A “rude and aggressive” social worker who put a sick child at risk and left the child’s carer feeling “bullied and harassed” has been suspended from the register for 12 months.
A Health and Care Professions Council (HCPC) tribunal heard that over a period of months, the social worker, who was employed via an agency with Devon council, “actively undermined” relationships thanks to his unprofessional and oppressive manner.
While stopping short of striking the social worker off, on the grounds that his failings were capable of remediation, the panel found that it was appropriate to impose the maximum available suspension.
Point of contact
The tribunal was told the social worker had been allocated to two children, Child A and Child B who had been placed under a special guardianship order with Person A. One of the social worker’s main duties was to arrange contact between the children and their mother, who lived elsewhere.
Shortly before the social worker became involved with the children, Child A had been diagnosed with neuroblastoma, an aggressive cancer that afflicts nerve tissue. This meant that he had to attend numerous hospital appointments and that his immune system was compromised because of chemotherapy.
Among a series of particulars found proved against the social worker, the panel heard that:
- He had contacted Person A to insist he attend a meeting about Child A’s care, at a time when there was a serious risk that the child might acquire an infection if he left his home environment. When a nurse spoke to the social worker to explain that Child A could not attend the meeting, he “simply would not accept her opinion”, the tribunal heard. In the end, Person A had to text the social worker on the morning of the meeting to say that Child A was too unwell to attend.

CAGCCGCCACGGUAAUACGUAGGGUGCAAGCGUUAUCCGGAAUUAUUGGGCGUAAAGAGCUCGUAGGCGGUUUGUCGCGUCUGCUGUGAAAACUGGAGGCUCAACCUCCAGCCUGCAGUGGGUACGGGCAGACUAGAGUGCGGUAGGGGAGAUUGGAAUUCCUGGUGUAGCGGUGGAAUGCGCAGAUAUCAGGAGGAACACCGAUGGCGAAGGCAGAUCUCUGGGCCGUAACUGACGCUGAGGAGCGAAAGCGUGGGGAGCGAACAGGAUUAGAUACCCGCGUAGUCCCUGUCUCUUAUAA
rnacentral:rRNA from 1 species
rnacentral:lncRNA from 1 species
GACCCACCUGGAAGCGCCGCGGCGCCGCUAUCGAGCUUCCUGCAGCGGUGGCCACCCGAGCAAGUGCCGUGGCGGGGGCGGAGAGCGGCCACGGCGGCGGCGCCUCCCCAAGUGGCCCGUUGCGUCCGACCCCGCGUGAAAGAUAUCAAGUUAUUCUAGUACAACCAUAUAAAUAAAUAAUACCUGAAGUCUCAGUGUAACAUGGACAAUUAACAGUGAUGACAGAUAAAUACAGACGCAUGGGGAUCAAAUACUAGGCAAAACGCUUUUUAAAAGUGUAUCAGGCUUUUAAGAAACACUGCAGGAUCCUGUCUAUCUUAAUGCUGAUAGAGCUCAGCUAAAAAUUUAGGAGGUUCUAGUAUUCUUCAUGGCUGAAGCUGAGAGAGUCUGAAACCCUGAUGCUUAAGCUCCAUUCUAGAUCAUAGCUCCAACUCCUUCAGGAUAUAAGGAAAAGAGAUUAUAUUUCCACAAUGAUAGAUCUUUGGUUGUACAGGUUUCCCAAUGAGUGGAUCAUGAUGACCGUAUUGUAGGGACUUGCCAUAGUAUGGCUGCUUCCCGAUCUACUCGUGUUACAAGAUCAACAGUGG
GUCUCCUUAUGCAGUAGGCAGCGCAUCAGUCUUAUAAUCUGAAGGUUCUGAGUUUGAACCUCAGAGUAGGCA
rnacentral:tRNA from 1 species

- On several occasions, he spoke rudely and aggressively to hospital staff, apparently taking little interest in listening to them in order to understand Child A’s needs. On one of these, a doctor had explained that there was a prior arrangement that Child A’s mother would not see him during chemotherapy, which the social worker did not agree with. “The tone of voice and insistent manner of the Registrant was so marked that [the doctor] was concerned he would not accept the decision, would not speak to the consultant and would try to arrange contact while Child A was receiving chemotherapy,” the tribunal heard.
- He had insisted that Person A bring Child A into school to discuss arrangements for his education, despite the fact the child was very weak and sick. The social worker had only informed Person A on the morning of the meeting, insisting that Child A’s mother phone and wake him in order to do so. Child A was so unwell at the meeting that he had to leave. There then followed a pattern of behaviour in which the social worker gave Person A “wholly inappropriate” notice of meetings and made threats to report him as uncooperative, leaving him feeling “bullied and harassed”.
- He had behaved in a “confrontational and dismissive” way towards staff at Child A’s school, rarely responding to communications and cancelling meetings without notice.
One particular relating to the social worker grabbing Child B and pulling him into a room was found not proven, being based only on the evidence of Person A who had given inconsistent testimony to the tribunal and to other parties.
Risk of harm
The evidence was heard in the social worker’s absence after he had failed to engage with the regulatory process in any way.
The tribunal found that the social worker had put Child A at risk of serious infection by seeking to make him attend meetings while immuno-compromised, and that he had failed to act in the child’s best interests.
Moreover, the social worker did not merely fail to communicate with other professionals but “actively undermined communication [via] his unprofessional and oppressive manner,” the panel said.
It found that five of the individual particulars proven against the social worker amounted to serious misconduct on their own, as did three others when taken in combination.
“There is no evidence before the panel that the registrant has in any way remediated his faults or that he has developed any insight or recognised the seriousness of his misconduct,” the tribunal concluded. “In those circumstances the panel is satisfied that the registrant remains a risk to future service users.”
The panel ruled that the social worker’s suspension order be reviewed before its expiry. It suggested a series of conditions around the sanction’s potential lifting, including that the social worker attend the review and provide evidence as to his future fitness to practise.